Friday, August 21, 2009

Have you ever been on the receiving end of weight-based discrimination?

If so, I'd like to hear from you. I'm doing a story for the NY Times science section on this and would like an anecdote or two, especially having to do with work, jobs, etc.

Email me at harriet at harrietbrown dot com.

Thursday, August 20, 2009

What the World Eats

Today I stumbled onto this fascinating excerpt from a book called Hungry Planet, which was serialized on the Time magazine website when it came out a few years ago. Photographer Peter Menzel and writer Faith D'Alusio visited 30 families in 24 countries to research this collection of portraits. Each family is shown with a week's worth of food, along with the cost of that food (in local money and in U.S. dollars), plus a list of the family's favorite foods and/or recipes.

The photos are eye-opening, literally, especially when you compare, say, the abundance and variety of foods eaten by a family of four in Germany (cost: about $500 a week) with the much more meager and monotonous foods eaten by a family of five in Chad (cost: $1.23). The lists of favorite foods include everything from rice to polar bear to pastries.

There's something quite wonderful about the way these photos show us, without posturing or judgment or politics, each family's relationship with food. I was especially captivated by this as I've been contemplating a similar personal photo project. But this is so much better.

Wednesday, August 19, 2009

Is Your Child One of the 12 Percent?

One of the things you hear a lot these days--at least if you spend any time talking to doctors about eating disorders--is that they affect a relatively small number of kids. Prevalence rates for anorexia are usually quoted as .5 to 1 percent, and 3 to 6 percent for bulimia. (Binge eating disorder is a newer diagnosis; I've heard 3 percent for BED but don't know if it's accurate.) Which somehow makes them less worthy of attention, concern, and research money than, say, childhood obesity, which as we all know is public healthy enemy #1. (That's sarcasm, y'all.)

But a new study out of University of Texas at Austin shows that fully 12 percent of all adolescents experience some form of eating disorder. That's 12 out of 100. Which may not sound like much.

But consider that 1 out of 15,000 kids gets cancer of some kind, and think about the attention and research and money devoted to understanding and treating childhood cancers. Then think again about the number: 12 percent.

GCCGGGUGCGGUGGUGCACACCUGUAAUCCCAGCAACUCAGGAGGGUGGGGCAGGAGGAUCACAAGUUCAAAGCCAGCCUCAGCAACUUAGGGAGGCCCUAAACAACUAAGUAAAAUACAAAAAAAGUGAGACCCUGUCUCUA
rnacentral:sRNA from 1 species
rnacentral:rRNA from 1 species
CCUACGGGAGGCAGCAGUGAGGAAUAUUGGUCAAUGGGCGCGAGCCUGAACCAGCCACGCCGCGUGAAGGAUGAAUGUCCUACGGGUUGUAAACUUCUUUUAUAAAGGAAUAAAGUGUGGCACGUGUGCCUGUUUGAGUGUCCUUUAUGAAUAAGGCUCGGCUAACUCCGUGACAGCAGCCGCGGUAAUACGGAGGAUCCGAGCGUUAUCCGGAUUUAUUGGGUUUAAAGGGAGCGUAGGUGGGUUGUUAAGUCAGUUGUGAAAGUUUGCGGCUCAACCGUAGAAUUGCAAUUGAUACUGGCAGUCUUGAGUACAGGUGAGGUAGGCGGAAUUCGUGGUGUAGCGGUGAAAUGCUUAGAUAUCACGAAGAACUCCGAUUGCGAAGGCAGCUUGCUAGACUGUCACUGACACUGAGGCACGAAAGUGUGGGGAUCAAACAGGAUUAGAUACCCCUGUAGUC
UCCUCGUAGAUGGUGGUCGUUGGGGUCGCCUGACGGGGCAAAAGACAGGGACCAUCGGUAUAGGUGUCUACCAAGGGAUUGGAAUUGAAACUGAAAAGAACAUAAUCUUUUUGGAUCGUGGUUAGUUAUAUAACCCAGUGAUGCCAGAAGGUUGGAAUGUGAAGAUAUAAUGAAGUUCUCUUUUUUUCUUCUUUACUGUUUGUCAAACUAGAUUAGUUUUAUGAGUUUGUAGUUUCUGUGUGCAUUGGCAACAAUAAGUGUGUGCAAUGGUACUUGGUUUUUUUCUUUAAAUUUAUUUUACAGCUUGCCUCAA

It sounds a lot bigger now.

One of the pervasive problems in treating eating disorders is a lack of effective treatments. We need more research, which needs we need more research dollars. One reason we don't get those dollars is that families are often reluctant to acknowledge that their child has an eating disorder because of the stigma associated with these illnesses.

Cancer used to carry a lot of stigma, too. As a culture we've mostly gotten over that. How about we start challenging the stereotypes around eating disorders? Parents could be amazing advocates, if only we were willing to stand up and say, "Yes, my child is one of the 12 percent--now what are we going to do about it?"

How about it?

Monday, August 17, 2009

See you in . . . October?

For those of you in the D.C. area, I hope you'll join me and some very special guests at a conference on eating disorders, hosted by Maudsley Parents. This half-day get-together features two of the leading researchers in the field of eating disorders, both of whom are accessible, compelling speakers. Daniel le Grange heads up the University of Chicago's Eating Disorders Program; Walter Kaye directs the University of CalIfornia-San Diego's program.

Dr. le Grange will discuss family-based treatment (the Maudsley approach) for both anorexia and bulimia. Dr. Kaye will give us insights into the neurobiology of eating disorders. And I'll share my family's story and offer parents specific strategies and tips for helping a child through an eating disorder.

You can find more information and sign up for the conference here. (If you sign up before September 14, the cost is only $25 per person.) I hope to see you there!